Bedtime stories are stories narrated by adults to children before they fall asleep. As an essential parenting skill, the storytelling scene is infused with love and trust. These stories make the transition from day to night easier. Rest well, tomorrow will be another day. In this piece, I wish to introduce an alternate narrative form I have named bed-time-storytelling—a practice of care born within the confines of hospice care beds. This approach redefines our understanding of storytelling, bridging the realms of the living and the departing, and opening a new chapter on how we engage with tales shared in the threshold between two worlds. (read more...)

Image of hundreds people on the street at night. Many wear green headbands and are facing forward. A few people at the front of the crowd turn back, and others in the middle of the crowd are holding up a sign.

Who Knows About Ethical Research?: Reflections on Research Ethics and Vulnerability in Abortion Research

People who have abortions are often thought of as inherently vulnerable. When retold without nuance, this narrative can be harmful to abortion-seekers, as well as to reproductive autonomy more broadly, since it reinforces negative stereotypes about abortion and abortion-seekers. Changing affective paradigms around abortion has been a key concern for feminist activists around the world. In fact, a significant part of my ongoing PhD research on pharmaceutical abortion, healthcare access, and feminist activism in Argentina is concerned with how and why feminist activists seek to disrupt the social perception of abortion as intrinsically being a certain kind of experience—tragic, shameful, vulnerable, to give just a few pointers. While preparing for my data collection, I was struck by the discrepancy between how feminist activists who accompany abortions conceptualise the agency of (potentially) vulnerable abortion-seekers and my UK university’s research ethics committee’s approach to it. Especially given my own positionality as a non-Argentine PhD student, this prompted me to reflect on the challenges of navigating this divide when researching feminist activism and self-managed abortion. To this end, I unpack some of my reflections while trying to balance my duty of care for potentially vulnerable participants with respect for their agency. Striking this balance can be especially complicated when the understandings of both risk and ethical practice diverge between ethics committees, who—to a certain extent have to—adopt a universalist approach, and feminist practitioners holding contextually specific expertise on the subject, while also frequently working with different definitions of care. This divergence is even more pertinent in the case of abortion, an experience steeped in assumptions based on moralised and medicalised social and political discourses. Throughout my research process, I have understood refusing to reproduce such paternalistic discourses as essential to doing ethical research, alongside attending to potential vulnerabilities. (read more...)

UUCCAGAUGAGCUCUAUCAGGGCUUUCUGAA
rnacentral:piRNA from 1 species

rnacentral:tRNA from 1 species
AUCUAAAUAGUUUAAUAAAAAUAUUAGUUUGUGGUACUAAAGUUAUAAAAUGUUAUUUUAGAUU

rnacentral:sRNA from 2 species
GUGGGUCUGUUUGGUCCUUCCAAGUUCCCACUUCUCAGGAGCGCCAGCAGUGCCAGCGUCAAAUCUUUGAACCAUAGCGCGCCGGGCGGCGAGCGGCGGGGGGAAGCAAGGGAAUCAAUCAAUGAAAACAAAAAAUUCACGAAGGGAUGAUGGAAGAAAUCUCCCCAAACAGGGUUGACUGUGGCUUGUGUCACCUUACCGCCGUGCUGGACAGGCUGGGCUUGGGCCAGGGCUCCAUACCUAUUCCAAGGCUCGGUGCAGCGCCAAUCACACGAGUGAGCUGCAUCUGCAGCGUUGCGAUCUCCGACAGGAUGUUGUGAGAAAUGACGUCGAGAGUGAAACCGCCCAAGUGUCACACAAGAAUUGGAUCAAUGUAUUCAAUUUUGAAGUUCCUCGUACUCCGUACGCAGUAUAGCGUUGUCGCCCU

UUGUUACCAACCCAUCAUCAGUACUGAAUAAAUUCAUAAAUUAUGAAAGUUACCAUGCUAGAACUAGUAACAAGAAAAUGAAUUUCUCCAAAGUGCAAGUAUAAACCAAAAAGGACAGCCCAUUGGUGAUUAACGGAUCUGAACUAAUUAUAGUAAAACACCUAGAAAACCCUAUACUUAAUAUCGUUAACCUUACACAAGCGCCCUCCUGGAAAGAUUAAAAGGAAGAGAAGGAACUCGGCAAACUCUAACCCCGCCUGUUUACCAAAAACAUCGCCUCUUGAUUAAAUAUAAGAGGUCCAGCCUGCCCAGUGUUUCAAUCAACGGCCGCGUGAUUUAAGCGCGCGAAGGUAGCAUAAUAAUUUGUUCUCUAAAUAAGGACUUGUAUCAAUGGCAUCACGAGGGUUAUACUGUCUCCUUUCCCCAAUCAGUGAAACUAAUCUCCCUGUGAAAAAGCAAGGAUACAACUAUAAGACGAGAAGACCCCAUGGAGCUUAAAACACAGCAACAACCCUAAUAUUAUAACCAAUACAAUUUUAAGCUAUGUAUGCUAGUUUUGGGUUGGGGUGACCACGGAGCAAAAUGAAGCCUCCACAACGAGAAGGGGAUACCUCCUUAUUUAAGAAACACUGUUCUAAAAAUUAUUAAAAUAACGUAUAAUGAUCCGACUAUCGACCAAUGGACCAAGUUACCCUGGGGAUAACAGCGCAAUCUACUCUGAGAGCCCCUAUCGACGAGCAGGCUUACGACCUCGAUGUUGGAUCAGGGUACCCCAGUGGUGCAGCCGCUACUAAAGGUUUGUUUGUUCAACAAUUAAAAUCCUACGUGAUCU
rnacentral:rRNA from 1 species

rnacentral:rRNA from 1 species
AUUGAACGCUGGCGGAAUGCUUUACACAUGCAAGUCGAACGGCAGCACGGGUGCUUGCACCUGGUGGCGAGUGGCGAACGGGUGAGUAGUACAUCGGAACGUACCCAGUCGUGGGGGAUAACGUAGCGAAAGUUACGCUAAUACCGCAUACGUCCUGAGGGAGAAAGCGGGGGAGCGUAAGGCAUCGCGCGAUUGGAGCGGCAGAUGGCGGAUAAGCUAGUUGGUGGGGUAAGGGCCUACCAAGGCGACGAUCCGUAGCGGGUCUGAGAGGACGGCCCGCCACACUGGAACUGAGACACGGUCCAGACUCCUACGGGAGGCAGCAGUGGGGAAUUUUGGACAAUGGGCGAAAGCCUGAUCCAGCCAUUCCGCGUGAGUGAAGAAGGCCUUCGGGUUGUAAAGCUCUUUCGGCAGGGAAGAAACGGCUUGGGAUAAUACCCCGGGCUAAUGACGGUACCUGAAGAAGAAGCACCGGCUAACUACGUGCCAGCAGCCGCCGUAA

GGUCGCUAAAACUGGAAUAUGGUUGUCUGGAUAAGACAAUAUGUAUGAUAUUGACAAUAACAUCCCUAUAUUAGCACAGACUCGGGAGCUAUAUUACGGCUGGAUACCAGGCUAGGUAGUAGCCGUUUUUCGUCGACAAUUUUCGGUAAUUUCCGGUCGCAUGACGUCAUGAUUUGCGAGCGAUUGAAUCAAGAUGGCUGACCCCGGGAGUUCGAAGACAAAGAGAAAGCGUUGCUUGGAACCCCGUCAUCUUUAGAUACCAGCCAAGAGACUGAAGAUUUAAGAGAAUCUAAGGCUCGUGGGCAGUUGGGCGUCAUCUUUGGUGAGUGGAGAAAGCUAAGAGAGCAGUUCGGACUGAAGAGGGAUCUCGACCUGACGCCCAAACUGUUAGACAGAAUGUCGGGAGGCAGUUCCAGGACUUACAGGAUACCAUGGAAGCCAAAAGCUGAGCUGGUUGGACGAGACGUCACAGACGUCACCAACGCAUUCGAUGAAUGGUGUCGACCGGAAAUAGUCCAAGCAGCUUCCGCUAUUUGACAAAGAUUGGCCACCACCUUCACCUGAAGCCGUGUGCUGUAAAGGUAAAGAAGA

A map of the Mekong Delta oriented to the left is on a round white table. There are piles of small white squares with different icons organized into rows below the map. Colored markers and pens are also on the table next to and below the map. A person's hands are visible at the bottom left corner, while the bodies of others are also seen standing around the table.

Anthropology, STS, and the Politics of Imagination in Navigating Socio-Environmental Change

“he climate crisis is also a crisis of culture, and thus of the imagination.” Amitav Ghosh, The Great Derangement: Climate Change and the Unthinkable (2015), p.9. “We are in an imagination battle.” Adrienne Maree Brown, Emergent Strategy: Shaping Change, Changing Worlds (2017), p.18. In late 2010, members of Dutch and Vietnamese planning delegations, sitting around conference room tables at a fancy hotel in Ho Chi Minh City, began work on what was to become the Mekong Delta Plan. The Dutch consultants depicted four quadrants divided by two axes, with climate change along one and economic growth along the other, which they deemed the two primary drivers of uncertainty facing the Mekong Delta region in the coming decades. The quadrants, they said, represented four “plausible future scenarios,” which could then be used to identify responsible investment and policy decisions in the present, regardless of whichever future were to unfold. This exercise, modeled on a similar set of quadrants used for climate adaptation planning by the Dutch in their own country, was central to the delta management approach being advanced by the Dutch participants. The “scenario planning methodology” is a strategic planning tool used to support policymaking under conditions of deep uncertainty, originally developed by former RAND Corporation strategist Herman Kahn and later refined by Royal Dutch Shell (Faubion 2019; Samimian-Darash 2021). In other words, it is an exercise in imagining possible futures, used to guide planning meant to enable adaptively navigating among unforeseen events. (read more...)

Vivid blues and greens are cut through by blurry rays of light shimmering out from the center, giving the impression of looking down into a watery expanse.

Audio Ethnographies of Water from Latin America: Confluences of the Domestic

Much of the water that enters homes in metro Guadalajara, Jalisco is toxic. Water from the tap is used to wash dishes and water plants, but for decades it’s been dangerous to drink. In this sonic ethnography, we hear contaminated water hitting plates used for a meal and evaporating from vegetables as a pan heats on a stove. A woman explains which brands of bottled water are safer, more trustworthy; some, she says, are appropriate for drinking, while others should only be used to wash vegetables. We hear bodies of water referred to as both rivers and sewers. (read more...)